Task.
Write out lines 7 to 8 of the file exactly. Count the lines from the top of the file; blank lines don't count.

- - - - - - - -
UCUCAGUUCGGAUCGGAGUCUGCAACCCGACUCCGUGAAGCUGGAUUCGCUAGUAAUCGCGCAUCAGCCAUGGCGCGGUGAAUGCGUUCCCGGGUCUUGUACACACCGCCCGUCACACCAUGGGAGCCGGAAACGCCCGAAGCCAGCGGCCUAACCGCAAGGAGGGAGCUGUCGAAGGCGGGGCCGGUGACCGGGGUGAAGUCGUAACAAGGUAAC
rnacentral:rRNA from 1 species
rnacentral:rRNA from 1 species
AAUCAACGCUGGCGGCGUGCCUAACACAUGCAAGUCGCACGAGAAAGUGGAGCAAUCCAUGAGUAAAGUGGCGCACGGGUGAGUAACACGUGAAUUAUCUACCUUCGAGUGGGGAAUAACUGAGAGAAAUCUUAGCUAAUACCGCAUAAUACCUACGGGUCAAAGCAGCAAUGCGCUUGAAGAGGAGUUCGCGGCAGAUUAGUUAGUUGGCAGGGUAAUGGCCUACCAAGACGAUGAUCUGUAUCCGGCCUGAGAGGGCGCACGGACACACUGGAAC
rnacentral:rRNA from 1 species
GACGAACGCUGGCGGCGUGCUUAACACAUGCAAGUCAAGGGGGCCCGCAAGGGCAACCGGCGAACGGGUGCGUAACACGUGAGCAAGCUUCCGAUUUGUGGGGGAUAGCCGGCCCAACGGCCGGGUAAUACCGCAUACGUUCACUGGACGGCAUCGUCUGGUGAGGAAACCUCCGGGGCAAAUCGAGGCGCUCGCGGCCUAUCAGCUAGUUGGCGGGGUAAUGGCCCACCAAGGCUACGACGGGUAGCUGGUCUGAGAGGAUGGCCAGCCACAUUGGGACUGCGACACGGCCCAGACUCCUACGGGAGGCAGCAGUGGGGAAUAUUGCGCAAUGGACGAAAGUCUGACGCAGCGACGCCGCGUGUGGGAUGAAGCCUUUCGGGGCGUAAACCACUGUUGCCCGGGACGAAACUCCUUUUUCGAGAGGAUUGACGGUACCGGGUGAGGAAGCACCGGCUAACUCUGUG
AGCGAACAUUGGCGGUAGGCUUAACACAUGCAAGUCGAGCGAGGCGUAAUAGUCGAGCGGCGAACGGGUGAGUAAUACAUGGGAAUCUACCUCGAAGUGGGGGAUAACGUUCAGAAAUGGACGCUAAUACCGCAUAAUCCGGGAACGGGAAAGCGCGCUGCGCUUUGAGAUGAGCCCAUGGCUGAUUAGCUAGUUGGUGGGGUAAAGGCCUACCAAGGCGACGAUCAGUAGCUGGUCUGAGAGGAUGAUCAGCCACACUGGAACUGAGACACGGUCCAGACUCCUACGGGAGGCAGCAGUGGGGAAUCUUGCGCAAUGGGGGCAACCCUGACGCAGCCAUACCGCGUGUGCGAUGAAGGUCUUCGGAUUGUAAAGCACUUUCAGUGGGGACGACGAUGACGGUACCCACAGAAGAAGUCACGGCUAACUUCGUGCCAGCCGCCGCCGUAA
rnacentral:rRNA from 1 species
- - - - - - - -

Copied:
AGCGAACAUUGGCGGUAGGCUUAACACAUGCAAGUCGAGCGAGGCGUAAUAGUCGAGCGGCGAACGGGUGAGUAAUACAUGGGAAUCUACCUCGAAGUGGGGGAUAACGUUCAGAAAUGGACGCUAAUACCGCAUAAUCCGGGAACGGGAAAGCGCGCUGCGCUUUGAGAUGAGCCCAUGGCUGAUUAGCUAGUUGGUGGGGUAAAGGCCUACCAAGGCGACGAUCAGUAGCUGGUCUGAGAGGAUGAUCAGCCACACUGGAACUGAGACACGGUCCAGACUCCUACGGGAGGCAGCAGUGGGGAAUCUUGCGCAAUGGGGGCAACCCUGACGCAGCCAUACCGCGUGUGCGAUGAAGGUCUUCGGAUUGUAAAGCACUUUCAGUGGGGACGACGAUGACGGUACCCACAGAAGAAGUCACGGCUAACUUCGUGCCAGCCGCCGCCGUAA
rnacentral:rRNA from 1 species